Hereditary Sensory Neuropathy

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The Girl Who Played with Fire- book cover

I’m pretty sure that most of you heard of the movies ‘The Girl who Played with Fire’ or ‘The Girl with the Dragon Tattoo’… they are inspired from the crime novels by Stieg Larsson, a Swedish journalist considered to be very successful in his writings, especially after his death, when his work was critically acclaimed and even awarded. While reading his first book ‘The Girl who Played with Fire’ a specific character described as undefeatable caught my attention. The reason why he seemed so strong was the fact that he couldn’t feel any pain. His body was unresponsive to any pain stimuli. Eventually he dies without showing any sign of discomfort. The explanation behind this is not that he was some kind of superhero who just run out of batteries, but that he was suffering from hereditary sensory neuropathy (HSN), a rare condition that inhibits the brain to acknowledge any type of physical sensation. In most cases a particular gene in the DNA is being affected resulting in ‘sensory loss affecting perception of pain and temperature, and absence of sweating’ (source: http://www.ncbi.nlm.nih.gov/books/NBK1769/). Despite the fact that this will transform you into a cool novel character, the condition might be extremely dangerous. Death may easily occur as a result of unacknowledged, therefore untreated high fever or hypothermia, bleeding or any kind of disease that manifests through pain.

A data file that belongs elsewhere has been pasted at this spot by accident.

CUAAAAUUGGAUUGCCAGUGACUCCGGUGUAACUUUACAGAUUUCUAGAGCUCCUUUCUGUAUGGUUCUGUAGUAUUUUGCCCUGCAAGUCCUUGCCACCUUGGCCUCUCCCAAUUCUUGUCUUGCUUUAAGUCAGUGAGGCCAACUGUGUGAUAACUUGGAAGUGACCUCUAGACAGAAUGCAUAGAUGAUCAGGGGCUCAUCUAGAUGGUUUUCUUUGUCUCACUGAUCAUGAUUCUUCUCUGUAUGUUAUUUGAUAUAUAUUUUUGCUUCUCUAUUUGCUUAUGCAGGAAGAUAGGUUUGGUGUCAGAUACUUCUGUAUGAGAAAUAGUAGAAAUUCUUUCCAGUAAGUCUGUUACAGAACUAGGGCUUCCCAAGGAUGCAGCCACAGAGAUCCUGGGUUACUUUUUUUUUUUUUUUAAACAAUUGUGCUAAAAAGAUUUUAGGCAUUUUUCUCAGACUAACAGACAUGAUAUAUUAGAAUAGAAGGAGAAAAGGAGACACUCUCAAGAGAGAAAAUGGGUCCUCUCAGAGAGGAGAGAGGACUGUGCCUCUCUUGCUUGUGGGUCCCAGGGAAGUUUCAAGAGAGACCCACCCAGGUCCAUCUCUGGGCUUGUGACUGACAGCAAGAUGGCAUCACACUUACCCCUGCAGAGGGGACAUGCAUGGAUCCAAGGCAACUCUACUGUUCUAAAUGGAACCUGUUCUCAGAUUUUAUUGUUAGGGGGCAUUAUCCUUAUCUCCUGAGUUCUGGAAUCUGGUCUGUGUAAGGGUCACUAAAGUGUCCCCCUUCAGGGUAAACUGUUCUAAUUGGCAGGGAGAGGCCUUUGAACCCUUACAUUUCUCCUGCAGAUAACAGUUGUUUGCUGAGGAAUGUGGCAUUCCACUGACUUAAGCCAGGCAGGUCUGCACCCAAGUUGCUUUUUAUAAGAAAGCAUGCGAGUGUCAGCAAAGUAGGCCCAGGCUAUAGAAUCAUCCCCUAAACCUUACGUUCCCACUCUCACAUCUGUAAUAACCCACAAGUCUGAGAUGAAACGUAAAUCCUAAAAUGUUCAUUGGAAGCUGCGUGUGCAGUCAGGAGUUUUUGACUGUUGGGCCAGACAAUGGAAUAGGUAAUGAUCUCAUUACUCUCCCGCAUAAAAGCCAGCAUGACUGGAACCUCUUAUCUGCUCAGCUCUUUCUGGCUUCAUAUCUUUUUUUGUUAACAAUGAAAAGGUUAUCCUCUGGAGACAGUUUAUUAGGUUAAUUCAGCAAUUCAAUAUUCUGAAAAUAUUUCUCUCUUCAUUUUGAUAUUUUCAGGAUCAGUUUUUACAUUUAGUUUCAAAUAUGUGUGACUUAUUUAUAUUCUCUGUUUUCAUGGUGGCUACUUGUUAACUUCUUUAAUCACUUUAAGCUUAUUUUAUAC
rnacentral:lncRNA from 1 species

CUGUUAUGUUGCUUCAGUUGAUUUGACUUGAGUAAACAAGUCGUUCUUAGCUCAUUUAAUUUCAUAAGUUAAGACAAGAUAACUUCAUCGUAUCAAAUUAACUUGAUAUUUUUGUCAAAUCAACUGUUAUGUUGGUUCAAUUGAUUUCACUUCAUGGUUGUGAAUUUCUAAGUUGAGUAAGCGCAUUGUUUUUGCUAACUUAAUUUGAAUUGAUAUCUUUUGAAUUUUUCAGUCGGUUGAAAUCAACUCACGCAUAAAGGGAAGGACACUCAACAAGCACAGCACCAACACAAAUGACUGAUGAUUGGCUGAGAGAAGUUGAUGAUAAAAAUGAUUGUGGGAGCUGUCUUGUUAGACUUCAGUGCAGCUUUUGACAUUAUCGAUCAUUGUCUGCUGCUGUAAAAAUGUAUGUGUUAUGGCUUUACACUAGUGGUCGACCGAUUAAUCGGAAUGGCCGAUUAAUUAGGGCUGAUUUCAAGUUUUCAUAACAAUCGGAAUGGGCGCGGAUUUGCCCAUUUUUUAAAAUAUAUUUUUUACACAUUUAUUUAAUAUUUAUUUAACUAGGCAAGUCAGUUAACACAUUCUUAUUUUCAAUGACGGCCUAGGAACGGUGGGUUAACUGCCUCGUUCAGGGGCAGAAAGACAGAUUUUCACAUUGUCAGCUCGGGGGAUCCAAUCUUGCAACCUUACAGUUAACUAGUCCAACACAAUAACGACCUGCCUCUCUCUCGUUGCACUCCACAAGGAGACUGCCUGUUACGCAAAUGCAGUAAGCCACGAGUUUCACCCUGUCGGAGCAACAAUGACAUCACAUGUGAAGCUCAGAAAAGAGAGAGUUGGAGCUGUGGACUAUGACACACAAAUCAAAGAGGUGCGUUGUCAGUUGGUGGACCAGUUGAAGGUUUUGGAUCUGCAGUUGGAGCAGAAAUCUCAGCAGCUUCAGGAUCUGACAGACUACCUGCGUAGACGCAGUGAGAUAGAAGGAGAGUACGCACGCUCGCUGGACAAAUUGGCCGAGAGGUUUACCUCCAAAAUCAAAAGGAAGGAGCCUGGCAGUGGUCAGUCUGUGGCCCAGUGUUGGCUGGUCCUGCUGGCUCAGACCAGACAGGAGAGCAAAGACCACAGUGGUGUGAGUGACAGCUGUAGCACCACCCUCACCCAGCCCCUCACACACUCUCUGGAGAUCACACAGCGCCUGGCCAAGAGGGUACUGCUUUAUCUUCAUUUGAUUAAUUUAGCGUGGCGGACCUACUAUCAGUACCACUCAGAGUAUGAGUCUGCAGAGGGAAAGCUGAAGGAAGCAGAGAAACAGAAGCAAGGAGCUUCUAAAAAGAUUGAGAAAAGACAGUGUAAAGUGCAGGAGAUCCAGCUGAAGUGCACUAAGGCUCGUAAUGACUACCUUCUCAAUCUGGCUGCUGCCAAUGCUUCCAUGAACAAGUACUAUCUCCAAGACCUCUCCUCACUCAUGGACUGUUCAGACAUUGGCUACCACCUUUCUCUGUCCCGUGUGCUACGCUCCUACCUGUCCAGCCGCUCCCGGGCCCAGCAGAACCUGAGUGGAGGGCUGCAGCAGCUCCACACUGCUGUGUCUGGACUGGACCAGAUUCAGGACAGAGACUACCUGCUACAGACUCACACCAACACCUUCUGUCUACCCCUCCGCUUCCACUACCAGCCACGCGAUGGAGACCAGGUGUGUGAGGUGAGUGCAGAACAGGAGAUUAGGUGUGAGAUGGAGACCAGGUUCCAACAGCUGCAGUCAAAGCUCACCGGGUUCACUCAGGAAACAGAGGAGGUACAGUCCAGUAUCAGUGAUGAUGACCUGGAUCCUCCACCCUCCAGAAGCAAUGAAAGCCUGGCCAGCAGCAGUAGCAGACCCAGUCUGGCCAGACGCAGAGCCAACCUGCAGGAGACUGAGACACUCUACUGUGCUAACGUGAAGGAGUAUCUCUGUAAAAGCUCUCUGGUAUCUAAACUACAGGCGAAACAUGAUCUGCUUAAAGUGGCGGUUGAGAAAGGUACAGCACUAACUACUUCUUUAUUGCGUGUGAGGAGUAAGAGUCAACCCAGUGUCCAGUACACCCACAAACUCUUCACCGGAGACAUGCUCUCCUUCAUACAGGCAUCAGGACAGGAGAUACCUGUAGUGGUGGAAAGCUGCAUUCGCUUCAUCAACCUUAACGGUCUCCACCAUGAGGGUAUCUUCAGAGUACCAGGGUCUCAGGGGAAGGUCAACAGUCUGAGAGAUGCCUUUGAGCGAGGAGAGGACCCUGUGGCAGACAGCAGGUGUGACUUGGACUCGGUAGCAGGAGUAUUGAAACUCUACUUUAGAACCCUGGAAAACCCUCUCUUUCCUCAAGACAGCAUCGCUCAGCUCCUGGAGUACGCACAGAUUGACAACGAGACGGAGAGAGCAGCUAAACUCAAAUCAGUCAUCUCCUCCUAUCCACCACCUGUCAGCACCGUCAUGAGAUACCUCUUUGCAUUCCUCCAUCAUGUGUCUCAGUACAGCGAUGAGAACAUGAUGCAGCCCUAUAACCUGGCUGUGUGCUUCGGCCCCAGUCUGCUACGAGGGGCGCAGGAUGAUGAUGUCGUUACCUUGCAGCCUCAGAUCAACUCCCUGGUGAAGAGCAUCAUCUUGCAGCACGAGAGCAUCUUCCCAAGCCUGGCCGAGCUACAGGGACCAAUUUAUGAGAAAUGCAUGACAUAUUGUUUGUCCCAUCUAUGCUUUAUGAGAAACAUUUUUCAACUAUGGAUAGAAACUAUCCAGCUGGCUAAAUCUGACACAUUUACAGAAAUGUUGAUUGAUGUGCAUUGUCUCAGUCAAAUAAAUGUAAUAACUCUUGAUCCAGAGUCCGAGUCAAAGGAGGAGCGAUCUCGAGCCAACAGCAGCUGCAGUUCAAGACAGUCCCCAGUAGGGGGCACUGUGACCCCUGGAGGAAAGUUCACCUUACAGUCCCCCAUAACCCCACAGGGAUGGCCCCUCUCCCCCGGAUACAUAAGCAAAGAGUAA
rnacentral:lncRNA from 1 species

Even though it isn’t medically relevant, I would recommend you the book or the movie which follow an interesting crime story surrounding the main character Lisbeth Salander, who’s just amazing.

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